GUY: I was too. It took me a couple of years, especially on the kickoff. In high school and college, when I started my approach to the ball, and I hit it, my momentum was still going forward, so I just went on down the field, where I’m supposed to hang back. As a safety…shoot…I’m down inside the 20 making tackles! I kind of had to put governors on me. You know the thing is, once the ball is punted, now I become another player. Once I’ve punted, once that ball leaves my foot, I become a defensive player, which is a natural thing for me. I would read the return on my flow down the field, and I would mirror the returner. I knew what they were going to do before they even did it, because I studied the films on them, and I knew every alignment. If somebody was out of alignment, something was fixin’ to happen. Like the side of the field they were going to set that wall up on. I would mirror the returner, and just as soon as he would break in behind his wall…well, I’d be standing there. So, what the opposing teams had to do, whereas they used to kind of disregard the kicker, then they had to start accounting for me. Man, I used to hit them guys right in the chest, like we were taught in college. Now you can’t even touch ‘em hardly. You whisper on ’em, and they’ll fall down and start complaining. (Laughter) 

AR: Just listening to you and hearing your approach to “the flow,” as you described…I think most people tend to think that the specialists just take their place on the sideline and only come out when they need to respond.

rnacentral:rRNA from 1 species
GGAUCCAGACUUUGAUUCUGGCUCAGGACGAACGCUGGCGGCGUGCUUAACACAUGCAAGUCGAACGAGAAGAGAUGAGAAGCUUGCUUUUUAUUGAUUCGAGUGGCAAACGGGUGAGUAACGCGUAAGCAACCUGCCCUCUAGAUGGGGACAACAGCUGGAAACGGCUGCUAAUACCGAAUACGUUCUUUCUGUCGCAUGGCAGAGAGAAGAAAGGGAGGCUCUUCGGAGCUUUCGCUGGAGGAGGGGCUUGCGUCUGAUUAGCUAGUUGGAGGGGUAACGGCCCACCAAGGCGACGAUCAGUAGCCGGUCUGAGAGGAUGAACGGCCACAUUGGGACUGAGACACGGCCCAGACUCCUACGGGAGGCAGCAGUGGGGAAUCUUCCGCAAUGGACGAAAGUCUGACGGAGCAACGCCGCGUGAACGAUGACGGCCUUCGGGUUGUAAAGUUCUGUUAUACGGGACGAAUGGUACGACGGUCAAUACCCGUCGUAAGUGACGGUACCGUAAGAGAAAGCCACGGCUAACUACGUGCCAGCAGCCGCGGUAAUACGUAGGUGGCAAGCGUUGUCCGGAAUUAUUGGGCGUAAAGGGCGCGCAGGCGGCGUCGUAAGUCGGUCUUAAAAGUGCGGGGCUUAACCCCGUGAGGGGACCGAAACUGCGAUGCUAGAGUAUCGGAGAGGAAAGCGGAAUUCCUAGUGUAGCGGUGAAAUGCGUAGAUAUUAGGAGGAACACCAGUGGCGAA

GUY: That has been pretty much the norm for many, many years. I know the guys back in the era that I played, now, a lot of them would hit you. But [today’s] young athletes, they wouldn’t do that. I actually went through tackling drills. But that’s just an ole defensive guy. If I could still move around, I’d probably still hit somebody. (Laughter) But anyway, Sammy and I pretty much had a lot in common.   

AR: (Goes into the controversial movement that has risen in some quarters to try and do away with the extra point; also mentions the online blog in The New Yorker that promoted doing away with punting on fourth down.) They obviously never heard of the importance of field position and the weapon that was the quick kick.

GUY: I’m with you on that. Leave it the way it started in [1892]. It’s a physical game, it’s gonna be physical. I don’t care what you try to change on how to tackle somebody, you’re gonna get hurt. If you want to change something then slow down the workout habits. Don’t let ’em get so big. I remember Al [Davis, the late Raiders principal owner and managing general partner], he hated people at 300 or over. Now they’ve got running backs almost 300 pounds and they can fly. I can imagine me coming up from the free safety spot to plug that hole on a fullback dive. I don’t know, I might jump out of the way then. (Laughter) But I wish they’d leave it alone. What’re you gonna do, go for two every time? I don’t know what their thinking is, I really don’t.
AR: I don’t think the answer is to put more points on the board. I remember when you watched a great defensive game; well, it was a great game too. Not just how many points were up on the scoreboard.